Digital monitoring is essential for two main reasons. First, children with autism tend to wander off, because even high-functioning children of the spectrum sometimes experience difficulty in expressing themselves or making contact with strangers to ask for help and direction. Second, they sometimes engage themselves in behaviors and interactions with other children that may be seen as censurable in the eyes of the law. Pumpic has a GPS-tracking and geo-fencing feature to help locate a stray child, but what is more important, it monitors his/her online activities so that caregivers can be aware of any risky behaviors, cyberbullying, or other disturbing developments.
Grace is a communicational tool for nonverbal children. It can be very helpful for people with special needs who struggle with language and spoken communication. Within the app, they are able to create visual sentences to communicate their needs. It also can be used to promote verbal skills if a communication partner (a teacher or another student) accompanies these pictures with spoken explanations.
8. Word SLapPs
Skills: Verbal skills, Vocabulary
This application is a flashcard tool to learn the words that are specific to your student’s world. You provide the pictures and name them, which is particularly good for learning the names of family, friends, and other important people in the child’s life, or the things that surround him/her in class. Your learner hears the audio or sees the word and must identify the object among a number of pictures, which is very good for building and exercising vocabulary.
9. What’s the Word
This free app shows pictures, and the goal is to choose the right word that describes all four of them. This is a funny and engaging way to broaden vocabulary. What’s the Word was just perfect for one boy with Asperger’s who had difficulties expressing himself verbally. His mother understood his needs perfectly and acted as his “interpreter” and mediator. However, when they decided on attending a brick-and-mortar school, he needed to acquire his own voice in order to communicate with teachers and peers. The app helped him to see verbal communication as fun, since his issue was not that he found speaking difficult—he was just unwilling to engage in conversations.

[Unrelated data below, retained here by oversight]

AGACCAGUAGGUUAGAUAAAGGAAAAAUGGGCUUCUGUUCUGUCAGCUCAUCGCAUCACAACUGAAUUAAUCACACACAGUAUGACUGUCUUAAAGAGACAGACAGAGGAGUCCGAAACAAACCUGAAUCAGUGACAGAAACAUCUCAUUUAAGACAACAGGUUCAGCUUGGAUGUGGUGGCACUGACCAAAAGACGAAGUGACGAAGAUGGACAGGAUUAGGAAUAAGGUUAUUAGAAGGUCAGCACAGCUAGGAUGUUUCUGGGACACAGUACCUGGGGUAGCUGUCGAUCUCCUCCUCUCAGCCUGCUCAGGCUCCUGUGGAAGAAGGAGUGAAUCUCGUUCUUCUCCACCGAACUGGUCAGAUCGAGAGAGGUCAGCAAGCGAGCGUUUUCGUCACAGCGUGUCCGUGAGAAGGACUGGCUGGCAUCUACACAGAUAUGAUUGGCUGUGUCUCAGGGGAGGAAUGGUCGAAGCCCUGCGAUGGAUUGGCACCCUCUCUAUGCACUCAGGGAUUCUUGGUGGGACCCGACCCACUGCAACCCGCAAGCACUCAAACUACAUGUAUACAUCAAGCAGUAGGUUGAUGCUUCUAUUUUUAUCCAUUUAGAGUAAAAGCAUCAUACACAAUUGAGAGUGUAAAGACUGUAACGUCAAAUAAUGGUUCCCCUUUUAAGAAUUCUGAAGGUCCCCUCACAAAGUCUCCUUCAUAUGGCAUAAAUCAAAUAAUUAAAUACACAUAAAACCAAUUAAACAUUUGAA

10. Super Why
I used activities with this app on various occasions, but it was particularly good at enhancing comprehension. There are a number of activities with words and letters, as well as colorful stories with recurring, cute characters. To finish each story, a reader ought to choose the right words—this makes Super Why very beneficial for children whose reading skills far exceed their comprehension.
Digital tools are numerous—parents and teachers should remember to be very careful when choosing the one that is “right” for a particular child, and they should be very perceptive when assessing the difficulties. Sometimes, for the sake of consistency, it is better to stick to those tools used by parents and caregivers at home; in other cases, switching to new ones may turn out to be very beneficial. When choosing the apps, do not confine yourself to the realm of “apps for special needs,” as regular games and activities may be also very suitable depending on your goals and the needs of the child.
Jana Rooheart is a former educator who used to work with ASD and other special needs children. Currently, she is a blogger residing in Kansas City with her family. Jana is passionate about technology and is convinced that digital tools and gamification offer many possibilities for children and adults alike.
This article was featured in Issue 59 – Top Strategies, Therapies and Treatments for Autism